U.S. corporate defined-benefit and defined-contribution plans had combined assets of $5.727 trillion as of March 31, up 4.7 percent from three months earlier, according to the Federal Reserve’s Flow of Funds report issued Thursday, June 10.
Corporate DB plan assets totaled $2.17 trillion as of March 31, up 3.1 percent from the previous quarter. Total assets in corporate DC plans were $3.557 trillion, up 5.7 percent.
Total assets in state and local government retirement funds as of March 31 were $2.794 trillion, up 4 percent, while assets in the federal government’s retirement funds totaled $1.318 trillion, down 0.5 percent.
The value of equities in corporate DB plans was $819 billion as of March 31, up 1.7 percent, while the value of bonds in those plans totaled $343 billion, up 3 percent.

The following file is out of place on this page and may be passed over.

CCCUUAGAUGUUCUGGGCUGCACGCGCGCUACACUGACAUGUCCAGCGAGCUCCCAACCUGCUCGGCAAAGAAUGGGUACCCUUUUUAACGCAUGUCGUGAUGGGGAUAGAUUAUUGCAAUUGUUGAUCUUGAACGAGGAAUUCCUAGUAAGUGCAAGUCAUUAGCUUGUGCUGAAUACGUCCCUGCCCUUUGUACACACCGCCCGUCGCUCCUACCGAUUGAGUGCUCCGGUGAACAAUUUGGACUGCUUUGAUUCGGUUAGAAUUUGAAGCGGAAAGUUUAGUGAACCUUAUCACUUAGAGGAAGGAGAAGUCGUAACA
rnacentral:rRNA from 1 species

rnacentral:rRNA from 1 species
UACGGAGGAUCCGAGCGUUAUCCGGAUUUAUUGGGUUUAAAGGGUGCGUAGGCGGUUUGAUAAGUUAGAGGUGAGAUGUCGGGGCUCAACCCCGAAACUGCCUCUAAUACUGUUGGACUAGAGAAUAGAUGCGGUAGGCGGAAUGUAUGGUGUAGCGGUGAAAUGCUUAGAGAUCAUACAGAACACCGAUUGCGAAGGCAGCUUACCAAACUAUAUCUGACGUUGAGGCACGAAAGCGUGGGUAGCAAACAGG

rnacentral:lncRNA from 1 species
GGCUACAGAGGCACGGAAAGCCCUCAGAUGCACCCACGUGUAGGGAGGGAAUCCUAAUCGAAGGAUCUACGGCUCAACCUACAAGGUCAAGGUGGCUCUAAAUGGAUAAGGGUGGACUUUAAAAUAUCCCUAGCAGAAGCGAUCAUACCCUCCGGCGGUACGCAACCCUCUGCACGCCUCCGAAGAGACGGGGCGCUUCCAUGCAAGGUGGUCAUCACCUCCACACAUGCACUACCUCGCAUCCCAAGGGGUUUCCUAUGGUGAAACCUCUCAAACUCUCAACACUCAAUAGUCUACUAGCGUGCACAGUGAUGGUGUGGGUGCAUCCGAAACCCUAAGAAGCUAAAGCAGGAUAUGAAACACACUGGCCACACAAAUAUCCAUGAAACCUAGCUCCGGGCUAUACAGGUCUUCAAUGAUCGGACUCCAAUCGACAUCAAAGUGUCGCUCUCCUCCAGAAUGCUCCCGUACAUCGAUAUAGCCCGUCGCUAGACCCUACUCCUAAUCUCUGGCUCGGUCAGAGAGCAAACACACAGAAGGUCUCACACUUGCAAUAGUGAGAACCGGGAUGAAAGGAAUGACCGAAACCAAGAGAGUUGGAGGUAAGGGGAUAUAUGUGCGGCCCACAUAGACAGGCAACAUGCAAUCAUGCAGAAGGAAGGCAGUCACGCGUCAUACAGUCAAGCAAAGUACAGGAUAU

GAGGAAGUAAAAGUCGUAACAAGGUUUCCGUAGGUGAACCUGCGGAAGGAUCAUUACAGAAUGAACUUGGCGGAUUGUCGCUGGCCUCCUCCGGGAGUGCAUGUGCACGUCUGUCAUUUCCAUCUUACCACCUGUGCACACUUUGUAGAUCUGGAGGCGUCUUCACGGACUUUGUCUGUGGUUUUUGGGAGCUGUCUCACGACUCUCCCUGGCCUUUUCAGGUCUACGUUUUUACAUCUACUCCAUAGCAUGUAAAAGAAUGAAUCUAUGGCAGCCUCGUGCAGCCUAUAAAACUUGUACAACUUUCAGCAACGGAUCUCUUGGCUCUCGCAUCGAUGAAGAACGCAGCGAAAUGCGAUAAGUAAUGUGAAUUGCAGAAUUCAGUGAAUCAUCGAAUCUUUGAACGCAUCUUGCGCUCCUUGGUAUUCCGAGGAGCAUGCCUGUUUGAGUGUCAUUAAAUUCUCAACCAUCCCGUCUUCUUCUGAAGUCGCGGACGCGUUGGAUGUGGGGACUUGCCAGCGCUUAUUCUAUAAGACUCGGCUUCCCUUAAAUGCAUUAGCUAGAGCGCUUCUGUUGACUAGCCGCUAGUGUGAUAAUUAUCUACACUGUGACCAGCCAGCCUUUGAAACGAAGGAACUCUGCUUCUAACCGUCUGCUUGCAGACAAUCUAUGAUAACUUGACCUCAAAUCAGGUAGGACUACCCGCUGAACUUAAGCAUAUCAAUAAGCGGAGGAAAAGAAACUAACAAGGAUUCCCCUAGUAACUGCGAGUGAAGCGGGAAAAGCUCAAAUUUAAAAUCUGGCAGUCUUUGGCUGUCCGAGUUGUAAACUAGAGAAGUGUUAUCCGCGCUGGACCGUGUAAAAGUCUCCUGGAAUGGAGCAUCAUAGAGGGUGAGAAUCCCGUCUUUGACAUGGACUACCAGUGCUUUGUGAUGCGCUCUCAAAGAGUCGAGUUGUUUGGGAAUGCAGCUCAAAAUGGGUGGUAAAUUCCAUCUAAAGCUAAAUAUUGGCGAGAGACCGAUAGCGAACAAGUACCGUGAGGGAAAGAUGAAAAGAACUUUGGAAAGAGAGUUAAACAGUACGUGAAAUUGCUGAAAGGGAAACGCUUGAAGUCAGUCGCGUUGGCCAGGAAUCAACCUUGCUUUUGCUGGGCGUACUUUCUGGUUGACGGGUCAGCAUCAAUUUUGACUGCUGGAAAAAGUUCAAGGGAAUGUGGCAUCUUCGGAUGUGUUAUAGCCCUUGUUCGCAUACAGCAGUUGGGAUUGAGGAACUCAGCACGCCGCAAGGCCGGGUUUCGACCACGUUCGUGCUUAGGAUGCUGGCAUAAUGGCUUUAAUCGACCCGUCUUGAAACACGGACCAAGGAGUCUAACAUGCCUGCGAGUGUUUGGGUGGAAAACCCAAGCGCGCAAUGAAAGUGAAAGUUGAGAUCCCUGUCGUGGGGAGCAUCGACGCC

In corporate DC plans, the value of equities was $1.099 trillion, up 6.6 percent, while the value of bonds was $109 billion, down 0.55 percent.
Corporate DB plans saw outflows of $48.4 billion for the quarter, while corporate DC plans had inflows of $29.5 billion.
Craig Copeland, senior research associate for the Employee Benefit Research Institute, said it was unclear why the federal government’s retirement plan assets were down overall because all asset categories except miscellaneous assets were either even or up for the quarter.
Copeland said the slight drop in corporate DC bonds could be attributed to “the movement of money, with people going for the higher stock market returns that occurred at the end of 2009.”
“The overall asset increase was consistent with the market returns in both the equities and bond markets during the quarter,” Copeland added.